Double-check emails containing malicious files or links. Note that irrelevant emails from suspicious or unknown addresses are likely to contain malicious files or links. Download programs and files from trustworthy sources like official pages and verified stores. Keep the operating system updated (the same applies to installed programs).
Avoid clicking ads and links on suspicious websites. Use reputed antivirus software and run system scans regularly. If you've already opened malicious attachments, we recommend running a scan with Combo Cleaner Antivirus for Windows to automatically eliminate infiltrated malware.
Text presented in the "Jeff Bezos Charity Project" email letter:
I'm Jeff Bezos,
The CEO of Amazon, it's on this note that I'm informing the world of
my intention to give out my Fortune of $124 Billion of my wealth to
the lucky ones around the country and world at large.
Your email was randomly selected to be a part of the people who will
be beneficiaries of this charity project. each person would be awarded
Contact the Agent on how to proceed.
My Best Regards..
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- What is Jeff Bezos Charity Project giveaway scam?
- Types of malicious emails.
- How to spot a malicious email?
- What to do if you fell for an email scam?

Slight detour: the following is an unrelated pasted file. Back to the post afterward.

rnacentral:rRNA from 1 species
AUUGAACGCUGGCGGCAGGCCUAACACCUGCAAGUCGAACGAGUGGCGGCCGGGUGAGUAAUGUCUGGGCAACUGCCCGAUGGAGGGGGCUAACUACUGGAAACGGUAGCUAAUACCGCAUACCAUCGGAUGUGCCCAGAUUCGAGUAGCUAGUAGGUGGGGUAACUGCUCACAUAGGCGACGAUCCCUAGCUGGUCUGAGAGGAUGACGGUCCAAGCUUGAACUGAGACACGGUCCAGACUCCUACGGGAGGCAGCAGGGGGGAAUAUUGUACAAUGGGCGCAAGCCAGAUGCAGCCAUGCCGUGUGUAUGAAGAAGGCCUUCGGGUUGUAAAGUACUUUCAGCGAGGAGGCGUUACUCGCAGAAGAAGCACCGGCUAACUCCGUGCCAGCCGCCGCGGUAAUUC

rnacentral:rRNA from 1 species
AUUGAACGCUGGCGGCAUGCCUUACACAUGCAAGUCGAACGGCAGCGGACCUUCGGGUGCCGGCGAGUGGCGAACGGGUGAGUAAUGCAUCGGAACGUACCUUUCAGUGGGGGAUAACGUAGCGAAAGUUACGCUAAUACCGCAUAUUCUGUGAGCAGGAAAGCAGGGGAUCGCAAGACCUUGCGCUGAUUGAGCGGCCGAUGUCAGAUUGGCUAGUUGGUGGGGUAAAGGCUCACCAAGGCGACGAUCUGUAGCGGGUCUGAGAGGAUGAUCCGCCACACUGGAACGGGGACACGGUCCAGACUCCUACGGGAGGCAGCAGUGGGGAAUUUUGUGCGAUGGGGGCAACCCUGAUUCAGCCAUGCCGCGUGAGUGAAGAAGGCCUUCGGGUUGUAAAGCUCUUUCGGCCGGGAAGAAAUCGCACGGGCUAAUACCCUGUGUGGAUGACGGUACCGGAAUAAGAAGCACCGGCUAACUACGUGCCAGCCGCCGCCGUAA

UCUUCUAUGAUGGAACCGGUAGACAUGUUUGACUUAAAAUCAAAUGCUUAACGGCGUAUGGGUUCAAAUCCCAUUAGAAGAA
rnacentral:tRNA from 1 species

Types of malicious emails:
Most commonly, cybercriminals use deceptive emails to trick Internet users into giving away their sensitive private information, for example, login information for various online services, email accounts, or online banking information.
Such attacks are called phishing. In a phishing attack, cybercriminals usually send an email message with some popular service logo (for example, Microsoft, DHL, Amazon, Netflix), create urgency (wrong shipping address, expired password, etc.), and place a link which they hope their potential victims will click on.
After clicking the link presented in such email message, victims are redirected to a fake website that looks identical or extremely similar to the original one. Victims are then asked to enter their password, credit card details, or some other information that gets stolen by cybercriminals.
Emails with Malicious Attachments
Another popular attack vector is email spam with malicious attachments that infect users' computers with malware. Malicious attachments usually carry trojans that are capable of stealing passwords, banking information, and other sensitive information.
In such attacks, cybercriminals' main goal is to trick their potential victims into opening an infected email attachment. To achieve this goal, email messages usually talk about recently received invoices, faxes, or voice messages.